I was just leaving a department store and, as usual, could not remember where I had parked. I had my shopping cradled in one arm and my car keys held above my head as I tried to locate my car by beeping for it with the same remote-control-thingee. A woman with a small child in a stroller came out of the store about that time and saw me standing like some confused and overweight Statue of Liberty. Seizing the opportunity, she pressed her own remote-car-unlocker, thus making the car in front of me (her car) beep. By watching the movement of my hand very closely, she was able to time her beeping to my pressing and string me along for several perplexed minutes, while I stared intently at this car, which was much nicer than mine, but which apparently wanted to go home with me. If she hadn’t finally burst out laughing, I might still be there.

I totally admire that lady.

(Okay, I know that story doesn't actually have anything to do with creating an Amazon wishlist, but it's a lot more interesting than the background story of how I came to create one. Let's just pretend that my Amazon story is that interesting and move on, shall we?)

Anyway, for a variety of reasons, I found myself with a list of books that I'd really like for my classroom and with the holidays coming up, thought it might be a good idea to make the list available to parents and other benefactors who might be moved by the spirit of the Holidays to buy them.

Step 1 - I created a new Amazon account under my Teacher Name. I had originally used my own personal Amazon account, but my wife (the Patient-est Woman in the World) wasn't completely comfortable with that; it allowed people to see our son's wishlist and other personal information. 

As usual (okay, always), she was right, so I used one of my lesser-used email accounts to create a new account. It took about a minute to do that.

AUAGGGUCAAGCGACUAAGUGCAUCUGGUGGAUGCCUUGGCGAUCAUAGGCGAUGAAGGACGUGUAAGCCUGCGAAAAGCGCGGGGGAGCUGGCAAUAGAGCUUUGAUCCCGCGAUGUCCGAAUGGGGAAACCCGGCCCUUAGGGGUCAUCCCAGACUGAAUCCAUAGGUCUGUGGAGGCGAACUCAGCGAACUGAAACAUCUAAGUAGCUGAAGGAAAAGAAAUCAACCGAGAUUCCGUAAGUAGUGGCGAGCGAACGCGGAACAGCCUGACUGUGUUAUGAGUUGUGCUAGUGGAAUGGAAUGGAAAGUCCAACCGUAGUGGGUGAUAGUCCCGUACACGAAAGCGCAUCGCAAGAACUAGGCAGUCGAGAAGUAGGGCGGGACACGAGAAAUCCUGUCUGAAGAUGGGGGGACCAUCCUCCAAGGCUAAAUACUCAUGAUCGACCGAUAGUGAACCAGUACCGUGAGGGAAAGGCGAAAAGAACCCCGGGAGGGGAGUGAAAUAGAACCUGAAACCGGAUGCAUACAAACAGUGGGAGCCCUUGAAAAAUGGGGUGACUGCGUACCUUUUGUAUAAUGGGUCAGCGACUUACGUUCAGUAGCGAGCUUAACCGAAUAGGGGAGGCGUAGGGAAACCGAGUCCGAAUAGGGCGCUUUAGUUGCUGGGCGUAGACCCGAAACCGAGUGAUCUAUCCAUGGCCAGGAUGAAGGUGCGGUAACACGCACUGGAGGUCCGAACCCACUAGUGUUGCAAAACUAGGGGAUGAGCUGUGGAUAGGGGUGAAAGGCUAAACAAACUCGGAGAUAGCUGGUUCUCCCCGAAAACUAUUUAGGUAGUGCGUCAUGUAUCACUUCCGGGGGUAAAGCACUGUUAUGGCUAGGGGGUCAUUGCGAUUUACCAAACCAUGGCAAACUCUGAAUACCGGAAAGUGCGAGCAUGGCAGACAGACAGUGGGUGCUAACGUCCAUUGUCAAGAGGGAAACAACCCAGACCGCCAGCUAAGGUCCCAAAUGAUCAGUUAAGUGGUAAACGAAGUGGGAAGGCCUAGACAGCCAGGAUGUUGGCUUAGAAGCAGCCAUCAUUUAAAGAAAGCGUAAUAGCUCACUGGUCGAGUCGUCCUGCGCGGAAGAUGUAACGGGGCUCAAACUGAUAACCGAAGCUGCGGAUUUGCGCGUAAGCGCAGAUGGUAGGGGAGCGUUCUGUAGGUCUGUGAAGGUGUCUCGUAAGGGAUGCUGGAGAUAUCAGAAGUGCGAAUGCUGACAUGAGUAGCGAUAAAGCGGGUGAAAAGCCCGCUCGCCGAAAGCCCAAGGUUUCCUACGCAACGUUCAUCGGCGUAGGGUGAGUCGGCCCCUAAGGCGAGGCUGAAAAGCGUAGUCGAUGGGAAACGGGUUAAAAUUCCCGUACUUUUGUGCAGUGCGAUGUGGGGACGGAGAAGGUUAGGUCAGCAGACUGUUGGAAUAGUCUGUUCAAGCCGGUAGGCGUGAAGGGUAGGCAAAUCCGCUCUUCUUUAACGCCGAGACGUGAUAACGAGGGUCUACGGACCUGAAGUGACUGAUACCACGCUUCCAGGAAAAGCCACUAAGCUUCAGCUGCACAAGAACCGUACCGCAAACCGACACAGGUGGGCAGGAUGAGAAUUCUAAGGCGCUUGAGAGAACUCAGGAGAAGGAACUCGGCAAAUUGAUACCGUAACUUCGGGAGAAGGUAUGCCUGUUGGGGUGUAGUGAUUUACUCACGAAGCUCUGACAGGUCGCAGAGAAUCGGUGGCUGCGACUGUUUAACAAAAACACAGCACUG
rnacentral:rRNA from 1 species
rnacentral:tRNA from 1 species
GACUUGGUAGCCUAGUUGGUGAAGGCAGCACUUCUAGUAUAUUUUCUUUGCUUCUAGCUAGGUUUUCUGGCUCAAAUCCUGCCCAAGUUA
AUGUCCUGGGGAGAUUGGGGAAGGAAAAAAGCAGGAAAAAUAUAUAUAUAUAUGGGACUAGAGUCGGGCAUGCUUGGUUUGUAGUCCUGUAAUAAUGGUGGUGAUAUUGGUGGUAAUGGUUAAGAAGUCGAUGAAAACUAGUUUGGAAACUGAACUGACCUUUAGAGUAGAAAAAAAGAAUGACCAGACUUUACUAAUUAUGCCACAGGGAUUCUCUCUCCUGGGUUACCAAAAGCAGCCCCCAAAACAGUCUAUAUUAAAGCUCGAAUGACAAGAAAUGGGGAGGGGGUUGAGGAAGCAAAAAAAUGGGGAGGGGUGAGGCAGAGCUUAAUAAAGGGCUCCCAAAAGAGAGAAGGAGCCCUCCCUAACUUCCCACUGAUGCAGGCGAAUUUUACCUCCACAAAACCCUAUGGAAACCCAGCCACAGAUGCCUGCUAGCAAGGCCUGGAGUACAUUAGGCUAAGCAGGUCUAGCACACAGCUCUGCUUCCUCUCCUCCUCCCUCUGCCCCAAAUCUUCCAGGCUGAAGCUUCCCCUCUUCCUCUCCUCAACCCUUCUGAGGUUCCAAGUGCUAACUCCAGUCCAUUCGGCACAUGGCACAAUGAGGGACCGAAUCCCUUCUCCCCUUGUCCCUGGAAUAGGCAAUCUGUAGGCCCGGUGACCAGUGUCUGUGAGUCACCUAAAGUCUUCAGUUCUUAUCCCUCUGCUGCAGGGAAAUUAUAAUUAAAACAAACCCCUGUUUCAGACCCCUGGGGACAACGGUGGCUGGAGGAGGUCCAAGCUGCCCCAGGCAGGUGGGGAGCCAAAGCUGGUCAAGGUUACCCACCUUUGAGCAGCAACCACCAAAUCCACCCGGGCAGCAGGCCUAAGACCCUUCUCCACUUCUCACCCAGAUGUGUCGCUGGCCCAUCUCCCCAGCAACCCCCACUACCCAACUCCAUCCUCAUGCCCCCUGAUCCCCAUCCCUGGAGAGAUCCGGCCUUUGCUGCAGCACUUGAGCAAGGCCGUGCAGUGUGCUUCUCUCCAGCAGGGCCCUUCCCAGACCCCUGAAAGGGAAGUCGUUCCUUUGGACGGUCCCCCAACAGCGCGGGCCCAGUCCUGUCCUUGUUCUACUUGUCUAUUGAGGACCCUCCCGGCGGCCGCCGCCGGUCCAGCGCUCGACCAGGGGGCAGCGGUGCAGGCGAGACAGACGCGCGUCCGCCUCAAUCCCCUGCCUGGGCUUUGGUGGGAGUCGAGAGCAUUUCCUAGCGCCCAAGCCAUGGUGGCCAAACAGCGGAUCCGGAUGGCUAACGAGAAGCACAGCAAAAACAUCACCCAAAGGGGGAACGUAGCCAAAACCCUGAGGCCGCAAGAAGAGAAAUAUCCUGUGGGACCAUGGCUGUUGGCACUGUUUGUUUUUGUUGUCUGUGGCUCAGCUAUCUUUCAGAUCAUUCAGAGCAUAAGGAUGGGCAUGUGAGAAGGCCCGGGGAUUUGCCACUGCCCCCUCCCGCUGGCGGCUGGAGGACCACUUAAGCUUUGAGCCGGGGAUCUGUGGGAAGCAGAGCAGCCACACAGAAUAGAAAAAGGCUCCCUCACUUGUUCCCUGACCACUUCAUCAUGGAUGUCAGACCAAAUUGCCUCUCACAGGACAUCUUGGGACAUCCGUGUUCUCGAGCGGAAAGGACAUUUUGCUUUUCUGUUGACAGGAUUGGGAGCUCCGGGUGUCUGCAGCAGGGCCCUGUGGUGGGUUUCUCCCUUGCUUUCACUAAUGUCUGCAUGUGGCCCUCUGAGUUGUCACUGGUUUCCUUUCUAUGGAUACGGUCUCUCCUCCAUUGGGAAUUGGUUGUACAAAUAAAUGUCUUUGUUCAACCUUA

Step 2 - I created a wishlist in the new account. I did this by choosing a book I wanted, then clicking the "Add to My Wishlist" button. That brought up the "You don't have a wishlist; would you like to create one?" menu and I followed the directions there. That took another minute or so.

Step 3 - For my new profile picture, I uploaded a picture of Santa Claus. (I did a Google Images search for a more-or-less copyright free picture of Santa, downloaded it to my computer, then uploaded it to my new wishlist profile.) This took about 30 seconds.

Step 4 - I copied all the books for my classroom over from my original list to the new one. There is probably a more elegant way to do this, but I just copied the ISBN number from each of the books in the old list, plugged it into the search bar in the new account, then pressed the "Add to my Wishlist" button. This was the longest part of the process. It took me about five minutes.

Step 5 - When the list was complete (for the moment), I clicked on the "Share With Friends" link, which brought up a URL (web address), supposedly to email to relatives, etc... I copied this.

Step 6 - I wrote a quick announcement on my classroom website explaining that at the risk of being tacky, if anyone had a crying need to buy more Holiday presents this season, anything on this link would be put to really good use in my classroom, then pasted in the URL I had copied from Amazon. I highlighted it, added a hyperlink to the list. This took another minute or two.

(The "Share With Friends" address is short enough that it would totally work to just write it out in a classroom newsletter or written announcement to go home with younger kids.)

Total time to do all this - less than half an hour.

Step 7 - Waiting for the swag to start rolling in. 

Step 7b- Or annoyed emails from parents already nagged to their limit.

I'll let you know.